Look East Policy Discussions in Manipur: Moving beyond illiteracy


By Amar Yumnam

There has been a rise in the discussions on Manipur’s prospects in the light of renewed seemingly overt focus of India on deepening the ties with the countries of South East Asia. Here we may compare the marriage ties of today with the ones say three decades back. Today the would-be spouses would like to know whether the blood of the future partner is free from the dreaded modern diseases or not. The involved families too would put in place so many arrangements and improvements as a preparation for the close bonding going to happen. Similarly the explosions just happened in Bodhgaya would need to be assessed if they have any link with what has happened in the recent past in neighbouring Myanmar between religious groups. What all these imply is that, while contemplating any relationship today, the areas where information is imperative have tremendously widened both within and without. Looking from these plain but significant imperatives in modern relationships, the discussions in Manipur today on Look East Policy mostly sound like a gathering of illiterates; it is like the blind men defining the shape of the elephant.

We need to be very clear of the changes taken place everywhere, the changes that are going to happen, the implications of these changes and the needed domestic interventions for fruitful participation in international intercourse. The precipitated flows emanating from the deepened and widened international interactions would be qualitatively and quantitatively different from the border trade relationship as of today. Despite the livelihood advantages provided by the current border trade, relationships are much like closed economy scenario with no international relations. In fact, border trade is not trade in the real sense of the term, and can never be an engine of growth which normal trade is. If the Look East Policy leads to the emergence of contemporary globalisation dynamics engaging Manipur, the interactions and exchanges would be in an open economy context instead of the present closed-economy like dynamics. Here we must be aware of the nature, composition and direction of contemporary globalisation as compared to the earlier episodes in global history. While in the earlier cases the interaction was concentrated in merchandise and primitive accumulation (remember the British conquering India in search of spices inter alia and stealing Kohinoor from India), the contemporary relationships extend to every possible arena of interaction. Now these are oriented to rather a network kind of structure based on efficiency, and the relative strength of a country or region covers every arena of human talent rather than the traditional commodity production. Without an understanding of these changing global characters and a commitment to fit into these dynamics, any discussion on the prospects of Manipur consequent upon the anticipated developments in South Asia and South East Asia relationships would lose relevance sooner than later.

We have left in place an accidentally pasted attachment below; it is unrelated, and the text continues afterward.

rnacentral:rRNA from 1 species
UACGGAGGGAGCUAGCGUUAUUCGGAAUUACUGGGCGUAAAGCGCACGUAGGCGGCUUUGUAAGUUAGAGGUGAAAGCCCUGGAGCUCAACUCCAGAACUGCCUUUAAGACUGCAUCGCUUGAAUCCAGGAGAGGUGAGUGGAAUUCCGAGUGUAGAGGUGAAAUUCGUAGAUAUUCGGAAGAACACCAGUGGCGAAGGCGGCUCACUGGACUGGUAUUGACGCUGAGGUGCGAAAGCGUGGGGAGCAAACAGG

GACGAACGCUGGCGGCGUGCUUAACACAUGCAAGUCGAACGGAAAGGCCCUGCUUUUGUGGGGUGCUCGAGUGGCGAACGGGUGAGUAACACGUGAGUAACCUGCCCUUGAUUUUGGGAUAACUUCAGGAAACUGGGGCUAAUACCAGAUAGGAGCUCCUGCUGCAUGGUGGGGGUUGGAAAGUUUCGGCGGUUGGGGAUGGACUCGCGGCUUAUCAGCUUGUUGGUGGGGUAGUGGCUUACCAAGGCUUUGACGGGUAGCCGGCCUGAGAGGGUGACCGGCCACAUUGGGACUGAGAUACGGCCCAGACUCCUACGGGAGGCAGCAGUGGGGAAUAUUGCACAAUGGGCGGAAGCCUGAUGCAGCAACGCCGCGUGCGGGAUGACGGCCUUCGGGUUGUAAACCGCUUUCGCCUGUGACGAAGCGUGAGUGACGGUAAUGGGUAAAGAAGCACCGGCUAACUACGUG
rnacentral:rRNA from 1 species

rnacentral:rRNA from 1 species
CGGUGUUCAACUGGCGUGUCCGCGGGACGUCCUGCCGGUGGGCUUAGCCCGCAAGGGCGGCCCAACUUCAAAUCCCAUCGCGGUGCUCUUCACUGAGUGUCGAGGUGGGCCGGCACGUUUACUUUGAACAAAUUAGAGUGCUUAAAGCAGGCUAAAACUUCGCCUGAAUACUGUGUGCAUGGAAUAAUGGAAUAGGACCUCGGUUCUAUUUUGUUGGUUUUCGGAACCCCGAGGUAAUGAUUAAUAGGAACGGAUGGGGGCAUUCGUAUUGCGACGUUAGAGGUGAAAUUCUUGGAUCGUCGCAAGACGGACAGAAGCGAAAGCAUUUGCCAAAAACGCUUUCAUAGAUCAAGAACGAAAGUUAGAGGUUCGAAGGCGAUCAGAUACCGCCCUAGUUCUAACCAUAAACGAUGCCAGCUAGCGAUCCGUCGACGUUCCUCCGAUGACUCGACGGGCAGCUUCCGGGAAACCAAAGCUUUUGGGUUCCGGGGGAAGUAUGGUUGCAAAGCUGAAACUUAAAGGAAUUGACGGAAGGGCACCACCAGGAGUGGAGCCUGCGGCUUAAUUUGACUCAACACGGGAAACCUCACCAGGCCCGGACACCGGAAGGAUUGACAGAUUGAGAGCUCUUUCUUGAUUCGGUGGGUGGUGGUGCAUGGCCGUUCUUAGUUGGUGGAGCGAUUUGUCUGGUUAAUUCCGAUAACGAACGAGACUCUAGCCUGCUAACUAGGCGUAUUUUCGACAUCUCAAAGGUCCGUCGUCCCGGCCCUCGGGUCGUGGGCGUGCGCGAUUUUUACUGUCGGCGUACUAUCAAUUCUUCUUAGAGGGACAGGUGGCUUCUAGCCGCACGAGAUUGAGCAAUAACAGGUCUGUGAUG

Further the Association of South East Asian Nations (ASEAN) is expected to become a community by 2015. In other words, the member countries of the Association would coordinate and behave as belonging to a single economy in about two years from now. This would at one go make irrelevant all the clauses of India-Myanmar agreements on border trade and trade regarding the ‘rule of origin’. Any product of any member in the country would be as good as the product of any other on every political economic consideration. The policies of the members would be highly coordinated. We need to factor-in this emerging reality while we discuss the implications for Manipur of the Look East Policy.